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Thread: CBM 8032 Resurrection Project

  1. #1

    Default CBM 8032 Resurrection Project

    Hi
    As we have a bit of spare time on our hands at the moment, I have decided to dig out my CBM 8032 that was donated to me years ago and attempt to get it up and running again. I have seen a thread about some other people fault finding on the 8032 so I am hoping I can tap into people’s expertise and experience in this forum.

    Anyhow to give a brief update as to where I have got up to:
    • The machine has been completely disassembled, carefully cleaned and reassembled
    • All socketed chips have been removed, legs cleaned and re-seated in their sockets
    • First power up no bang, no escaping magic smoke!
    • Power rails seem to be in range. Not able to check ripple as due to lockdown I don't have to access a scope.
    • The display was working to begin with, but displaying garbage.
    • Checked the 4 x 2114 memory chips and found that 3 out of the 4 were bad.
    • During the replacement of the memory chips the display suddenly went blank

    I am now trouble shooting the display part of the circuitry and I suspect that the 6545 CRT controller has passed away.
    I can see the CPU is doing something as the sync, data and address lines are all toggling, as well as the video memory.
    The clock signal to the controller also seems to be good.

    Looking more closely at the 6545, it seems to be putting out an HSYNC an signal on pin 39, however the VSYNC on pin 40 is permanently low.

    Before I source a new chip and replace this current one, can anyone suggest further tests I can perform on the chip and circuit around it, before declaring it dead.

    Cheers
    Pip

  2. #2
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    The 6545 is initialized by the CPU once right after power-up. That should start the HSYNC and VSYNC. The 6545 would need a good /RESET so check that the signal is low for 1/2 sec minimum at power-up. I would want to check for proper periodic activity on the data and address lines, but without a scope that may be difficult.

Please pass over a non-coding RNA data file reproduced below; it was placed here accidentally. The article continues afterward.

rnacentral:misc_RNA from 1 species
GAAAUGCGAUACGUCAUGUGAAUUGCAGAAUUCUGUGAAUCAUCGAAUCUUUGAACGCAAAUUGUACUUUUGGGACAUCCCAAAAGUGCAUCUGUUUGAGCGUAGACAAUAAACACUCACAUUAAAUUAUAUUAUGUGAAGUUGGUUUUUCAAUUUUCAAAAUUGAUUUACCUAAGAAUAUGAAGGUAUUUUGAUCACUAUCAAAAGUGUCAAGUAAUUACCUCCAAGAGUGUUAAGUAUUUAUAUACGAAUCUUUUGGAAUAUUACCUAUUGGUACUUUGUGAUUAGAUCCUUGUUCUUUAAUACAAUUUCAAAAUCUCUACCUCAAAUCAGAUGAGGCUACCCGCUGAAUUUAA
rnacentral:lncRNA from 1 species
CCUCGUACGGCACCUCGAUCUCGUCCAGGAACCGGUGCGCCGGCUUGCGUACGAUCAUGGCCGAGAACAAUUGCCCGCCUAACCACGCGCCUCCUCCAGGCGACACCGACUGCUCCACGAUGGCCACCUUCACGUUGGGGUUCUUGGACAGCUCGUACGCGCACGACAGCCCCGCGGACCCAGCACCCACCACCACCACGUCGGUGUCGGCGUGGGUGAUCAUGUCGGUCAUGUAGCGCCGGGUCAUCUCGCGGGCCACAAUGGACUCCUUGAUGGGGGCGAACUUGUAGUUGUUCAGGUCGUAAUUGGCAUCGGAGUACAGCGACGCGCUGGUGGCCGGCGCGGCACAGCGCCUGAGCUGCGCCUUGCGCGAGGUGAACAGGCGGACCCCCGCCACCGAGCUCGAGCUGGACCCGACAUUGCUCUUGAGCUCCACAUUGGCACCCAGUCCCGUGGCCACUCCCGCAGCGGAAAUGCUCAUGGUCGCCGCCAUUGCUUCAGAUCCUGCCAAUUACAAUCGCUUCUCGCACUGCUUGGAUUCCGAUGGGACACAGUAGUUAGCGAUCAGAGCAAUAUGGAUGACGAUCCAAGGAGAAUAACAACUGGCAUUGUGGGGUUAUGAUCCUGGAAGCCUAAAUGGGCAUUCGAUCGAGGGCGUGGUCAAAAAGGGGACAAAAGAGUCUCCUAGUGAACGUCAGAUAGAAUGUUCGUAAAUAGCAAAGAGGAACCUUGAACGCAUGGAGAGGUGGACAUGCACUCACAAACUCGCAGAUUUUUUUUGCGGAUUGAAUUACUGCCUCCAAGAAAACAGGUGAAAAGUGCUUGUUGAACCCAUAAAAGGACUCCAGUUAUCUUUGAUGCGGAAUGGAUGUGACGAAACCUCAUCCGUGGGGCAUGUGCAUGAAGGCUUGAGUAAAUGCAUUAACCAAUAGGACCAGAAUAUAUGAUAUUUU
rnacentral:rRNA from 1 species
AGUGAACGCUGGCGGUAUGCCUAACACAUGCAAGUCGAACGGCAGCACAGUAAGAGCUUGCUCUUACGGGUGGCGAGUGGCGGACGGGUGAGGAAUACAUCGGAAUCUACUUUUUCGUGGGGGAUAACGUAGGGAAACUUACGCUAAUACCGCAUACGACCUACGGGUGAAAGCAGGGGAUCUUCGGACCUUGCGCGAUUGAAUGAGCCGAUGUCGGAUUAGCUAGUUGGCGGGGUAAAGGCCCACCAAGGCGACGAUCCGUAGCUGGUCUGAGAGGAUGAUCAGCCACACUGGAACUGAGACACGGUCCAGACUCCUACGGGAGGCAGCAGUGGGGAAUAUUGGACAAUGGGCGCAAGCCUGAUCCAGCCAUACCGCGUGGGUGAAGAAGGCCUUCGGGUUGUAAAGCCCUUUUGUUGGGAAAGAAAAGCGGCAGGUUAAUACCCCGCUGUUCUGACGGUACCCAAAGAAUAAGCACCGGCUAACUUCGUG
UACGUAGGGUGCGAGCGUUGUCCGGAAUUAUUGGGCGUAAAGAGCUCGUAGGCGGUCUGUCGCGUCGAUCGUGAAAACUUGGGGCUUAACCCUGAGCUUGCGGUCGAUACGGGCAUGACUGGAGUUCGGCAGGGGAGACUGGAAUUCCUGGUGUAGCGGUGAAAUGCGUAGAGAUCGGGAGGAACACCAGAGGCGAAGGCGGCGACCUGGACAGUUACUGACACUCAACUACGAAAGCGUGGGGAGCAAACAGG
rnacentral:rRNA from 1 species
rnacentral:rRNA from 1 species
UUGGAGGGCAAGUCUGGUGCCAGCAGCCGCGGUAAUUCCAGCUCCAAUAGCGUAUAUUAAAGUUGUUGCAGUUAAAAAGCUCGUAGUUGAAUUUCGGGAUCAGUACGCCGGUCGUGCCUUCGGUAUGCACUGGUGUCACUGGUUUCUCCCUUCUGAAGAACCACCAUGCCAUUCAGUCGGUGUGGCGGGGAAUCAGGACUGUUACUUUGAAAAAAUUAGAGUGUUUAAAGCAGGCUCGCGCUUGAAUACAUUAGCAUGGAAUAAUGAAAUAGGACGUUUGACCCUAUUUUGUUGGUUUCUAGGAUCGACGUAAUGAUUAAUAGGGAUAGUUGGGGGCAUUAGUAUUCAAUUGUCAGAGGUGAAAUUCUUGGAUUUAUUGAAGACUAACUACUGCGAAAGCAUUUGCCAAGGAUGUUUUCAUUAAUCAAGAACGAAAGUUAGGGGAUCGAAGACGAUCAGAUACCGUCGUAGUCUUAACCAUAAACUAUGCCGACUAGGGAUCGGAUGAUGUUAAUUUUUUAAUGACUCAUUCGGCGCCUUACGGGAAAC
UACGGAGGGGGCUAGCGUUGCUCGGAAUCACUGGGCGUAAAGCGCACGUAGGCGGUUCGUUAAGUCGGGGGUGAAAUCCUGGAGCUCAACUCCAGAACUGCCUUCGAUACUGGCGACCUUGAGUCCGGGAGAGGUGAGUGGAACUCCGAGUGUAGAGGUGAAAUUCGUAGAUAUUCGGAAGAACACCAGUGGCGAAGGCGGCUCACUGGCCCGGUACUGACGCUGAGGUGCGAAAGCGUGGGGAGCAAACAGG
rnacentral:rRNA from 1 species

3. #3
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    Welcome to VCFED Pip.

    Another 8032 resurrection - Yeh!

    My first question would be: without an oscilloscope - what test equipment are you using to look for HSYNC and VSYNC and what test equipment have you access to?

    Hi dave_m. How are you keeping?

    Dave

  4. #4

    Default

    Hi everyone

    First of all, I have to say that this forum is awesome. I only posted the thread a few minutes ago. Thank you

    The 6545 or 6845 I was referencing from the schematics is actually an HD46505SP on the board. Not sure if that means that it has already been replaced at some point. One of the 2114s has been replaced in the past as it was socketed. The other 3 bad ones were the originals, as there was no evidence of re-soldering.

    As far as test equipment at hand I have.
    DVM
    Logic probe
    Frequency counter
    I looked on the HSYNC and VSYNC using the logic probe. I also lifted pin 40 to check that it was not being held down elsewhere, and it still was showing low.
    I am aware that the reset to the chip is a short burst of pulses at power up, however I have no way of checking this at the moment, the logic probe did not show this, in any case the probe gets it supply from board so is powering up at the same time as the board. If that makes sense.

    Pip

  5. #5

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    Quote Originally Posted by dave_m View Post
    The 6545 is initialized by the CPU once right after power-up. That should start the HSYNC and VSYNC. The 6545 would need a good /RESET so check that the signal is low for 1/2 sec minimum at power-up. I would want to check for proper periodic activity on the data and address lines, but without a scope that may be difficult.
    Hi Dave
    Yes the reset signal looks okay. It did hold low for a time after power up. I also forced a manual reset by pulling pin7 low on UD16 (555 timer).

    In both cases there was no activity on pin 40 of the CRT controller, or at least none that my logic probe would pick up.